Spoiled food products UNFIT for human consumption are getting reprocessed and resold across the US

Spoiled food products UNFIT for human consumption are getting reprocessed and resold across the US By Ramon Tomey for News Target

Expired food is getting reprocessed, repackaged, relabeled and resold to institutions, discount retailers and restaurants across the United States. Food that is otherwise unfit for human consumption is being reprocessed to become edible.

“With scant regulations in place for repurposed food and institutional purchasing specifications silent, food liquidators underbid their competitors and win contracts nearly every time,” wrote CovertAction Magazine‘s Lauren Smith. “In the secondary food market, you get what you pay for, and never had the saying ‘garbage in, garbage out’ been more appropriate.”

According to Smith, “no matter how much hot sauce or gravy is added as camouflage, spoiled food products are unfit for human consumption and cause food-borne illness.”

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She said “the reselling of expired food is a black market in broad daylight,” citing several examples of the practice. According to Smith, one example of expired food being reprocessed for human consumption is turning expired milk and eggs into dehydrated or powdered products.

The correspondent for CovertAction Magazine also mentioned two companies that engage in the business of re-processing otherwise expired food items – Lewisco Holdings and Natural Choice Foods (NCF).

On its website, Lewisco touted how it can take expired food “and make it treasure” thanks to its role as a buyer of expired food inventory. “We purchase these goods and then distribute them to discrete buyers throughout the continental U.S.,” the company added. Lewisco named correctional facilities and schools as among the buyers of its products.

Meanwhile, NCF touted its alleged certifications from the Food and Drug Administration and the U.S. Department of Agriculture for repacking food products. It bragged of “trained staff” being able to repack “over one million pounds of food per month.” However, spokespersons for the two government agencies denied the existence of any certifications.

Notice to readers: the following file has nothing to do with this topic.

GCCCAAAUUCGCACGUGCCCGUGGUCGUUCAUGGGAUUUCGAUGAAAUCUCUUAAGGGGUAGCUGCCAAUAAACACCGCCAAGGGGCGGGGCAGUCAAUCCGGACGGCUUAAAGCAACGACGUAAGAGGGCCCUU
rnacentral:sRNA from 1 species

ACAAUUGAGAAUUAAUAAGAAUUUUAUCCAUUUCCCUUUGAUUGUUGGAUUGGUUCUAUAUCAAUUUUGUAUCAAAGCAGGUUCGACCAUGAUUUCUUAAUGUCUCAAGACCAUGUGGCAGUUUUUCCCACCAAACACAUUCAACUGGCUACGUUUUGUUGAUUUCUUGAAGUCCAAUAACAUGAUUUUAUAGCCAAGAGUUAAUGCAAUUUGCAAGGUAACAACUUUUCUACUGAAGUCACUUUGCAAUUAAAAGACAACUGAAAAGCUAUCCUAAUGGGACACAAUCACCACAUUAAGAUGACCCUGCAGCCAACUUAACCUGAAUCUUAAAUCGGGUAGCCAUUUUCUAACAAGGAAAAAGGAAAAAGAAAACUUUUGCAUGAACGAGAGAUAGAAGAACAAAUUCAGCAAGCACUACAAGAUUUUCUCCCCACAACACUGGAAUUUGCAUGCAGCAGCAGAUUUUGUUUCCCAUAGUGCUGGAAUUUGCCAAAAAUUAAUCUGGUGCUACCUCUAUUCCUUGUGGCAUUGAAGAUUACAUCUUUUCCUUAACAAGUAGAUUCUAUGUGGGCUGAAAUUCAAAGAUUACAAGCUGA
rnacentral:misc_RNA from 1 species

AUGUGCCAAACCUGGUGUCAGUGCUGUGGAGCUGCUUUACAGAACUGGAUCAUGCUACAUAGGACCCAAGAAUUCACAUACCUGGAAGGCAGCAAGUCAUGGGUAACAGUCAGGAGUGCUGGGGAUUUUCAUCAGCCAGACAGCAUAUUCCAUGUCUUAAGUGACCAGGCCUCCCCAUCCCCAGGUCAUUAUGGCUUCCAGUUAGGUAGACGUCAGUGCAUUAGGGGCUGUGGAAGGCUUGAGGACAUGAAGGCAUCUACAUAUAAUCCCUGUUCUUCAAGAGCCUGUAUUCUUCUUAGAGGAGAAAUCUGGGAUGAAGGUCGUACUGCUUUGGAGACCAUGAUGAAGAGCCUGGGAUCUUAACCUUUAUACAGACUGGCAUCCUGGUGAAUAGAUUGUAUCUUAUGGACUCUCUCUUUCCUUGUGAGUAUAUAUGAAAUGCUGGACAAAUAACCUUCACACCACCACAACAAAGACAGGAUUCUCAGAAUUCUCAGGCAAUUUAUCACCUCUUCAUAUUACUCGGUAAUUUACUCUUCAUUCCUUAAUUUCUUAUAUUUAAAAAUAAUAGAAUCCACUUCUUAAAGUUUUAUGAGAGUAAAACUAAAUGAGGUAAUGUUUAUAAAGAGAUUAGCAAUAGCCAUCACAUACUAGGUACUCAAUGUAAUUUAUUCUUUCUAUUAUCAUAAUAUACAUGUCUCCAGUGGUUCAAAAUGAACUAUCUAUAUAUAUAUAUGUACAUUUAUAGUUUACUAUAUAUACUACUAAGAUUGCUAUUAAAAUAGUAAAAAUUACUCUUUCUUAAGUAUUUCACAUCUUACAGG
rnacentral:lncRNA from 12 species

“We buy overstock food items from food companies all across the country,” stated NCF’s website. “We buy it, warehouse it safely, repack it for food service or retail and resell it to food service programs at colleges, nursing homes, correctional facilities and restaurants.” (Related: USDA recommends eating months-old food, using FoodKeeper app to reduce food waste.)

Michigan prison staff member fired for refusing to serve expired food

“Expired food products travel a conga line until the liquidator finds a buyer so desperate, inept or corrupt that it will purchase anything,” Smith wrote.

She elaborated that food rejected by restaurants and discount stores can be sold to schools. Those rejected by schools, meanwhile, can be sold to hospitals and prisons. If even prisons themselves reject the expired food, it is then sold to the military.

Smith also touched on the story of Steve Pine, a food handler at the Kinross Correctional Facility in Kincheloe, Michigan. Officials at the prison terminated Pine in August 2017 after he refused to serve rotten potatoes to inmates.

“It was the most disgusting thing I’ve seen in my life,” Pine told the Detroit Free Press. “They had about 100 bags of rotten potatoes. You could smell them, [and] they had black and green mold all over them.”

A corrections officer on duty agreed with Pine, but was overruled by a supervisor for Trinity Services Group, the company in charge of feeding prisoners at Kinross. When the staff member refused orders to have the inmates pick through the potatoes to find ones that could still be served, Trinity supervisors accused him of inciting a riot.

“They told me I was trying to start a riot,” Pine remarked. “I said: ‘No, you’re serving rotten potatoes. That’s going to get to the yard.’”

He justified his decision not to serve rotten potatoes to inmates by explaining that such an action leads to unrest within the prison system. Back in September 2016, inmates barricaded themselves in their housing areas, smashed windows and fixtures and set fires to protest the quality and quantity of food they were eating. The incident cost the Great Lakes State $900,000, according to the Free Press.

Learn More – News Target

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